English holly,European Holly,Holly,American Holly,Common Holly,Inkberry,Oregon Holly,Winterberry
European holly foliage with berries European holly flowers; male above, female below (leaves cut to show flowers more clearly) Ilex aquifolium grows to 10–25 m (33–82 ft) tall with a woody stem as wide as 40–80 cm (16–31 in), rarely 100 cm (39 in) or more, in diameter. The leaves are 5–12 cm long and 2–6 cm broad; they are evergreen, lasting about five years, and are dark green on the upper surface and lighter on the underside, oval, leathery, shiny, and about 5 to 9 cm long. In the young and in the lower limbs of mature trees, the leaves have three to five sharp spines on each side, pointing alternately upward and downward, while leaves of the upper branches in mature trees lack spines.The flowers are white, four-lobed, and pollinated by bees. Holly is dioecious, meaning that there are male plants and female plants. The sex cannot be determined until the plants begin flowering, usually between 4 and 12 years of age. In male specimens, the flowers are yellowish and appear in axillary groups. In the female, flowers are isolated or in groups of three and are small and white or slightly pink, and consist of four petals and four sepals partially fused at the base. The fruit only appears on female plants, which require male plants nearby to fertilise them. The fruit is a drupe (stone fruit), about 6–10 mm in diameter, a bright red or bright yellow, which matures around October or November; at this time they are very bitter due to the ilicin content and so are rarely eaten until late winter after frost has made them softer and more palatable. They are eaten by rodents, birds and larger herbivores. Each fruit contains 3 to 4 seeds which do not germinate until the second or third spring.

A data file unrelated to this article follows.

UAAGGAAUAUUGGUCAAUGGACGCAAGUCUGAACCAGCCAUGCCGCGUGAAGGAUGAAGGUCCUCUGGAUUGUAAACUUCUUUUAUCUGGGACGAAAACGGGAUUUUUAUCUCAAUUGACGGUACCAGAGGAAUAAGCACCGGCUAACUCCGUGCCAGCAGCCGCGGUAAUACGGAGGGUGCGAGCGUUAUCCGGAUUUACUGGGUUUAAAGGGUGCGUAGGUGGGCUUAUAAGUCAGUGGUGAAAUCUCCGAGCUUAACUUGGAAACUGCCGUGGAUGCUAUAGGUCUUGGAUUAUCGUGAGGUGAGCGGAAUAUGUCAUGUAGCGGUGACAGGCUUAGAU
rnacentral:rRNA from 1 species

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Late spring or early summer, Summer, Spring
Insignificant greenish-white fragrant flowers. Need to plant male and female plants.
Red, yellow, or orange berries (drupes) 1/4 inch diameter that ripen in fall, persist into winter and are attractive to birds
How to Grow
Mesic, Dry Mesic
Full Sun to Partial Shade, Partial or Dappled Shade, Full sun (6 or more hours of direct sunlight a day), Partial Shade (Direct sunlight only part of the day, 2-6 hours)